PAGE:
Erdoğan addresses Syria crisis, EU-migrant deal at UN speech

During his speech at the UN assembly, Turkey's president urged global powers to seek a solution to the Syrian war and act to end the refugee crisis.

Photo by: Reuters
Photo by: Reuters

Turkish President Recep Tayyip Erdoğan addresses the United Nations General Assembly in the Manhattan borough of New York, US September 20, 2016.

Updated Sep 21, 2016

Turkey's President Recep Tayyip Erdoğan on Tuesday urged members of the UN General Assembly to work toward a swift political solution to the Syrian crisis. 

International actors, including the EU, are “expected to rise to the occasion” and meet their responsibilities by contributing more in assistance, financial and otherwise, Erdoğan told the 71st United Nations General Assembly Council. 

“Barbed wires and high walls will never provide the security you are looking for,” he said, urging regional and global leaders to action.

“We cannot lose any more time” in achieving a political settlement to the Syrian conflict that has killed hundreds of thousands of people, he continued. 

In his speech at a leaders summit on refugees on the sidelines of UN General Assembly, Erdoğan said Turkey had successfully fulfilled its commitment to the EU under the refugee deal inked in March.

“As a response to this, the promises made by the EU to Turkey were unfortunately not kept,” the Turkish leader said.

The deal aimed to discourage irregular migration through the Aegean Sea by taking stricter measures against human traffickers and improving conditions for Syrian refugees in Turkey.

“Turkey was left alone since the beginning of Syrian conflict and once again I think we are facing the same consequence,” he added.

Turkey is going to overcome the refugee burden, he said, but according to Erdoğan, the EU can never “account for the inconsistency they have displayed in the face of such a fundamental humanitarian crisis.”

The deal included a 6 billion euro ($6.8 billion) aid package for Turkey to care for millions of refugees it is hosting.

Turkey hosts the maximum number of refugees worldwide, Erdoğan said, sharing Turkey's plans about what to do for refugees in future.

"As Turkey, with a humanitarian-centered approach, we have kept our borders wide open to those fleeing tyranny and oppression,” he said.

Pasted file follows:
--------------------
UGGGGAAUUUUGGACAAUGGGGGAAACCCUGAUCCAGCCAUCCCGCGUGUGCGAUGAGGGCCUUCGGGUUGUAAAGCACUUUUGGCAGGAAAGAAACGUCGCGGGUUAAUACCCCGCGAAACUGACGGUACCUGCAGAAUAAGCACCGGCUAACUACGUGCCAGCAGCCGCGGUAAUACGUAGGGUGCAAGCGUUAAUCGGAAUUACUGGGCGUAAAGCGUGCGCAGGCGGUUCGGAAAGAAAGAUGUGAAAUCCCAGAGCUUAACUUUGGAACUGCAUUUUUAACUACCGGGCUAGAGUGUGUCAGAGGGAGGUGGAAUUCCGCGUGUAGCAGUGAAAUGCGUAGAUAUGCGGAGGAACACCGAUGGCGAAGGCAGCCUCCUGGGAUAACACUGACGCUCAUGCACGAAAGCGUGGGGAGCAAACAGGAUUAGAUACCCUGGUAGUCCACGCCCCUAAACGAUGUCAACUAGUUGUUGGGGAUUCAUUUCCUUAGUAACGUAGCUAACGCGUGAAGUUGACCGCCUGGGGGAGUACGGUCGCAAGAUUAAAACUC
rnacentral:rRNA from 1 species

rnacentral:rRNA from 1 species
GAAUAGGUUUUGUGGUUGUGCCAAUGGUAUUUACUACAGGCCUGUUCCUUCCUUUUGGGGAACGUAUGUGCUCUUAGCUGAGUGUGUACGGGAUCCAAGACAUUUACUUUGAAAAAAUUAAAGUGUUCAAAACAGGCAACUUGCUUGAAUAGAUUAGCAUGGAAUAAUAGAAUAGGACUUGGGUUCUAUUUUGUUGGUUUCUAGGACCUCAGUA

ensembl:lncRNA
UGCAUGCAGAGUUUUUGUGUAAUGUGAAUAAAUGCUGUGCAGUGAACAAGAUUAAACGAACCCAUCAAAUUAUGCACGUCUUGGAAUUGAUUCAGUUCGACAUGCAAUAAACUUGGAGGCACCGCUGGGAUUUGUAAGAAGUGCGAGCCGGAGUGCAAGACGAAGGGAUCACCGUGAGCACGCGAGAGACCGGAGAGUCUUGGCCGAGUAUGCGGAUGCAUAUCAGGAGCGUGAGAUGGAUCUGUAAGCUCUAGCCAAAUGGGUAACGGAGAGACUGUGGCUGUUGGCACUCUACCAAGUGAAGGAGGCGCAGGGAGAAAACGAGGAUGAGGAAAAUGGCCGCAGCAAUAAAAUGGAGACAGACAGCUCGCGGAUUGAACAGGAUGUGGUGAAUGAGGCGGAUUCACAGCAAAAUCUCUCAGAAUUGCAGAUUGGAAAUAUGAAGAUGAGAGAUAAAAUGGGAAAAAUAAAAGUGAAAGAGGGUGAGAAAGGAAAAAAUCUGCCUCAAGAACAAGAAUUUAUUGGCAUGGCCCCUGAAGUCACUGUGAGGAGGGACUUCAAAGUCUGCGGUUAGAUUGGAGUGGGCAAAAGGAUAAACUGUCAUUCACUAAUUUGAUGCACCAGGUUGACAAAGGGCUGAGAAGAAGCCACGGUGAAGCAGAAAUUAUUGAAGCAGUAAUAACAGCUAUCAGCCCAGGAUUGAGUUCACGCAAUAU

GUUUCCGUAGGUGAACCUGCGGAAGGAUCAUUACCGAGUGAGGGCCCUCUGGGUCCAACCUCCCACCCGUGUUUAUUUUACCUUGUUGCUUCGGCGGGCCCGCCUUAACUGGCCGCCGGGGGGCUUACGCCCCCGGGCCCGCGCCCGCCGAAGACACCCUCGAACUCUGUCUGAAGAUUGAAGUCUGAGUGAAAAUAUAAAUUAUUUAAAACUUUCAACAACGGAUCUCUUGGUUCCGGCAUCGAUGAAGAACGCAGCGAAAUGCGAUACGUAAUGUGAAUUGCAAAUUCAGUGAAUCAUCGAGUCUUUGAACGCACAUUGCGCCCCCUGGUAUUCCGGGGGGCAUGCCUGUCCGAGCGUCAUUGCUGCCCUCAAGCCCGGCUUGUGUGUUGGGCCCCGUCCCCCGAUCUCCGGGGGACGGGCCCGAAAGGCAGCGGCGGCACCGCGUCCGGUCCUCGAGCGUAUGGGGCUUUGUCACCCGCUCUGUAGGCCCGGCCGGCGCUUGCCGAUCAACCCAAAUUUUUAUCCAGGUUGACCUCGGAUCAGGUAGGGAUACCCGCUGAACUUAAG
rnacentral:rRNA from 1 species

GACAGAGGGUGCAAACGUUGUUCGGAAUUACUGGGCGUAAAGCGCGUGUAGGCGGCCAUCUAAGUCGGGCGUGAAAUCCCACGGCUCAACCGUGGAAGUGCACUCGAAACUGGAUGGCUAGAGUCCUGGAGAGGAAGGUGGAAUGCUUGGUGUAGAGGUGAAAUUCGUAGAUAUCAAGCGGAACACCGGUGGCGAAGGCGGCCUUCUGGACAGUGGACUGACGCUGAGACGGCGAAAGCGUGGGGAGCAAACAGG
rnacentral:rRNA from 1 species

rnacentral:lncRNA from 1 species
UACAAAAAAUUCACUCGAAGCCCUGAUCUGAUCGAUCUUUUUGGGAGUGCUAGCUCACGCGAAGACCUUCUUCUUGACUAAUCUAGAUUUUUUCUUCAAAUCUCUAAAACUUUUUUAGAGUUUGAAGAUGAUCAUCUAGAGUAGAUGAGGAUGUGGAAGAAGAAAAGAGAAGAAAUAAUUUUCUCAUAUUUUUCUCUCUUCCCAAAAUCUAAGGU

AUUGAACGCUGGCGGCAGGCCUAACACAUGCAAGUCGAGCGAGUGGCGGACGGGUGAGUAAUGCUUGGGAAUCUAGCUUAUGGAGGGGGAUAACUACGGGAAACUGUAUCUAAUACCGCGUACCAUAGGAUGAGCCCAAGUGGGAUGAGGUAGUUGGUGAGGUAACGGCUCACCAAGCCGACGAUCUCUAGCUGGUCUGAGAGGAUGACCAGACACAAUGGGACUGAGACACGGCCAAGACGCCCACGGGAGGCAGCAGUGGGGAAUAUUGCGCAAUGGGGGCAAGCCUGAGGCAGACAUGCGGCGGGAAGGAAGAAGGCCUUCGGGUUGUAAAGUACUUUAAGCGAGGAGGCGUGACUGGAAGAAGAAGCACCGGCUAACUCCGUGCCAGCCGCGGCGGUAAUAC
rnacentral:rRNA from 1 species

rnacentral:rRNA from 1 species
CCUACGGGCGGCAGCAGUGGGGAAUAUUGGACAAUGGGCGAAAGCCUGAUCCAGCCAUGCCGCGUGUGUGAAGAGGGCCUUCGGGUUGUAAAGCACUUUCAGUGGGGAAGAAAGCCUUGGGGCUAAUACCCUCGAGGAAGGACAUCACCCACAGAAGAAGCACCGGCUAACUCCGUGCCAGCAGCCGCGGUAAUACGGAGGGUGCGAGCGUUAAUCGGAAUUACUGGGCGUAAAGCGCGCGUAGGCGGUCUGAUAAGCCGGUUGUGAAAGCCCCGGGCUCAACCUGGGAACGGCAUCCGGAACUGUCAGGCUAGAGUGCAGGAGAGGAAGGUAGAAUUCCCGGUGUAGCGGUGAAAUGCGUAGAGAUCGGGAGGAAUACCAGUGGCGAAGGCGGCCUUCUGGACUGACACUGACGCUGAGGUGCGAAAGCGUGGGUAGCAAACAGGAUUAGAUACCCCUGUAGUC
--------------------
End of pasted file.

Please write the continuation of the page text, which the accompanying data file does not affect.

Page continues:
The number of Syrian and Iraqi refugees in Turkey has reached 2.7 million.

According to Erdoğan, Turkey has allocated $25 billion in total, $12 billion from the government’s budget, while the rest came from non-governmental organizations and municipalities in the country.

The country has received only $525 million from the international community, Erdoğan said.

Addressing the challenges Turkey faces amid the refugee crisis, the president said there are about 835,000 Syrian children in the country who have reached schooling age and about 310,000 of them have been enrolled in school programs through non-governmental organizations and other civilian initiatives.

He called on the world to share the burden and contribute to the education of the victims of the Syrian civil war.

Ongoing Syrian conflict

In addition, the Turkish leader also criticized the international community for its failure to address conflicts going on in the world with specific emphasis on Syria. 

"The [Bashar al-Assad] regime is condemning people to famine and suffering, in order to encourage them to surrender or to die,” Erdoğan said.

"The UN and the Security Council should no longer tolerate the regime's policy,” he added.

He said Ankara had “no expectations with regards to the territory of Syria”, and attaches great significance to an undivided Syria.

Turkey launched Operation Euphrates Shield on August 24 to re-establish stability and peace to a region in despair, Erdoğan said.

Supporting moderate opposition fighters against DAESH and terror groups on the border, the operation has converted the border stretch from a “belt of terrorism” into a “belt of peace” and “propped up the self-confidence of” opposition fighters, the president said.

Turkish forces and opposition fighters supported by Turkish armor and aircraft “wiped out” DAESH in the area, and resettled the local inhabitants of Jarabulus and al-Rai, he said.

Countries urged to protect themselves against FETO 

The Turkish leader demanded international action against the US-exiled preacher Fethullah Gulen, who is accused of orchestrating an aborted coup d'etat against the Turkish government in July.

Erdoğan said the Fetullah Terrorist Organization (FETO) was a threat to all nations where they operate.

"I would like to call on all our friends to take the necessary measures against the Fethullah Terrorist Organization in their own countries for the future of their own people and their well-being," he told the UN General Assembly, referring to Gulen's movement.

According to the Turkish president, the failed coup was “aimed at the global democracy as well”.

FETO is infiltrating state institutions, influencing the society and dominating economy “under the disguise of education, dialogue, tolerance, non-governmental organization and ostensibly good intentions,” he said.

Permanent-member System Outdated

In his remarks, Erdoğan also criticised the permanent-member system of the United Nations Security Council.

He said the “representative nature of the Security Council” must be ensured so that the UN system can become “much more effective, just and fair”.

“Do not even consider remaining silent,” he said, calling on world leaders to be strong in telling the truth and acting upon it. “Only then can the world achieve the levels of justice she yearns for,” he said.

Erdoğan also touched on Islamophobia, describing it as an “alternative name to racism and discrimination”, urging governments to do more to thwart it.